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Name: Niharika
Status: student
Grade: 9-12
Country: India
Date: April 7, 2011

Why do Fe and Pt not form amalgams? What is the basis for a metal to form or not form an amalgam? And can only metals form amalgams?

Start with a chart of the periodic table. "X" out the obvious non-metals, e.g. F2, Cl2, O2 etc. "X" out the unlikely elements, even metals, the rare earth metals, Lanthinum etc., Uranium, etc. "X" out the highly reactive hazardous metals such as Na, K, Rb, Cs etc. "Y" out unlikely metalloid candidates such as Bi.

Now you have a reasonably few metallic elements remaining so that you can start doing some chemical testing. This also means you may have to look up some properties of metals. I will give you one hint, but the others are yours to test and eliminate and/or confirm. Aluminum, among the remaining metals, passes the tests above, plus it reacts with strong bases (pH > 10) evolving hydrogen gas.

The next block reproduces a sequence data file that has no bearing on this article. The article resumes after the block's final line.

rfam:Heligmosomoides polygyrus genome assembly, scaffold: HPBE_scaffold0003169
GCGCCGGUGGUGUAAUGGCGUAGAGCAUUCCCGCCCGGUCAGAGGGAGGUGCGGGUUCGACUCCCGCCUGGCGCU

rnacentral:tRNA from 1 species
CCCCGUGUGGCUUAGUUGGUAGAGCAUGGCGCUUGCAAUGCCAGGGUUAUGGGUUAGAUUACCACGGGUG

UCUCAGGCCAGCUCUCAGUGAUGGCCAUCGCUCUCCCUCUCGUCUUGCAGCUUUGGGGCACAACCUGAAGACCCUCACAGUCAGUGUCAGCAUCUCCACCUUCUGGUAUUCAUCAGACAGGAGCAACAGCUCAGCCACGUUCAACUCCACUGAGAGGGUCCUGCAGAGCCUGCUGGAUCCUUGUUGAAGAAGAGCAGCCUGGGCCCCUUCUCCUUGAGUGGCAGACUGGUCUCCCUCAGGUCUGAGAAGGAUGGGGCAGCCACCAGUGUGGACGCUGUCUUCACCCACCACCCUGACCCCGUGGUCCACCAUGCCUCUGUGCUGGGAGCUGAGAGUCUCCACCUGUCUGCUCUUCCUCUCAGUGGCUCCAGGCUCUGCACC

Keep doing this for the remaining elements -- both the physical and chemical properties. You will find that the remaining metals that pass the tests above are few.

Chemical identification is frequently a process of elimination. This is your exposure to that procedure, which is the purpose of the experiment.

Good Searching (not good luck). You don't need luck.

Vince Calder

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